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The HTML <link> element defines a relationship between the current document and other resources, such as stylesheets or scripts. You’ll find at least one on almost every webpage you ever come across!



<!DOCTYPE html>
<html lang="en">
  <link rel="stylesheet" href="styles.css" type="text/css">

Browser Support

The <link> element is supported in all modern browsers. Read more on


A link element supports Global Attributes in HTML. Global Attributes are common to all HTML elements and can be used on all of them (though they may not have much of an effect on some of them).

A link element must have either a rel attribute or an itemprop attribute, but not both.

There are a number of additional attributes supported:

  • href: Address of the hyperlink
  • crossorigin: How the element handles crossorigin requests.
  • rel: Relationship between the document containing the hyperlink and the destination resource being fetched.
  • media: Applicable media.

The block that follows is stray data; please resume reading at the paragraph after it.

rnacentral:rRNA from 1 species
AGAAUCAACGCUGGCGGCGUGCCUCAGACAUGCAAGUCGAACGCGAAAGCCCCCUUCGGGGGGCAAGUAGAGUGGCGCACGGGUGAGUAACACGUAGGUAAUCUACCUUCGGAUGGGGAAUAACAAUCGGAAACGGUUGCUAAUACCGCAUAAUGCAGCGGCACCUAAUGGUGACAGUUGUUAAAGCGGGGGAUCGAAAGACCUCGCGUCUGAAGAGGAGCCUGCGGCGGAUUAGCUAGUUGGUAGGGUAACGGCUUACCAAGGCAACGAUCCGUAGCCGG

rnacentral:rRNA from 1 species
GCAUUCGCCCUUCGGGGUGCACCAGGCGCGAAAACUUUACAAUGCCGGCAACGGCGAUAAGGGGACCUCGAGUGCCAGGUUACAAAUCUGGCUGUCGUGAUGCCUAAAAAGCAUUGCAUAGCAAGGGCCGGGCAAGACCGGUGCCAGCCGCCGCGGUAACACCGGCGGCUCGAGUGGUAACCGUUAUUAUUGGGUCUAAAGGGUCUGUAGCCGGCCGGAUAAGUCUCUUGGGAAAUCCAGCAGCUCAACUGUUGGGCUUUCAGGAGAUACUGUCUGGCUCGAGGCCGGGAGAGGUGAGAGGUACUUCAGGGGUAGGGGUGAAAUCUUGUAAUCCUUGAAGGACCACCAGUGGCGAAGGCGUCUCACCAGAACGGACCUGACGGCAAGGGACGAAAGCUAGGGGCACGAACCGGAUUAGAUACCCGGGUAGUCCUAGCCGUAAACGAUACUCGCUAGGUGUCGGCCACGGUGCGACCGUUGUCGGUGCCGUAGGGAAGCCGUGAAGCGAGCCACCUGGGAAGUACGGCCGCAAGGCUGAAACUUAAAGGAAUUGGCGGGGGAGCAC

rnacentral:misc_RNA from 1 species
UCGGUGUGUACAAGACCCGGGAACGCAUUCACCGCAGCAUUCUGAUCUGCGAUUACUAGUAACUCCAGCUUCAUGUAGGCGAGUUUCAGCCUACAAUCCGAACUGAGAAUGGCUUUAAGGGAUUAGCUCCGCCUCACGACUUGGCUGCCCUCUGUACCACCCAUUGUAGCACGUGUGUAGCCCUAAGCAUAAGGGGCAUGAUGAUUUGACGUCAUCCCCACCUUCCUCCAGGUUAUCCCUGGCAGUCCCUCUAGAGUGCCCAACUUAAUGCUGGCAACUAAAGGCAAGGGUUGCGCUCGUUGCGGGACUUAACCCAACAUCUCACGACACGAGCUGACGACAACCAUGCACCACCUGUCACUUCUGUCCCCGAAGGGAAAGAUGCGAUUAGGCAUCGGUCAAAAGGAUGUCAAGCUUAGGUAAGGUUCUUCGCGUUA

• integrity: Integrity metadata used in Subresource Integrity checks.
  • hreflang: Language of the linked resource.
  • type: Hint for the type of referenced resource.
  • referrerpolicy: Referrer policy for fetches initiated by the element.
  • sizes: Sizes of icons for rel="icon".
  • imagesrcset: Images to use in different situations for screen resolutions.
  • imagesizes: Image sizes for different page layouts.
  • as: Potential destination for a preload request (for rel="preload" and rel="modulepreload").
  • blocking: Whether the element is potentially render-blocking.
  • color: Color to use when customizing a site's icon (for rel="mask-icon")
  • disabled: Whether the link is disabled.

Attribute Example

Here’s an example of how a <link> uses the rel="" and hreflang="" attributes to establish a relationship between the current document and versions in other languages:

<link rel="alternate" href="/en/page.html" hreflang="en" type="text/html">
<link rel="alternate" href="/fr/page.html" hreflang="fr" type="text/html">
<link rel="alternate" href="/es/page.html" hreflang="es" type="text/html">


The link element is a void element, which means it supports no content model and you can’t pass it any type of content.

Here’s a list of all void elements:

  • input
  • keygen
  • link
  • meta
  • param
  • source
  • track
  • wbr
  • Whilst the <link> element is a type of hyperlink, it shouldn’t be confused with the <a> (anchor) element; the hyperlinks by which we navigate HTML documents and files.
  • The <base> element is related in that it provides the base URL for all relative URLs within a document.

Learn More

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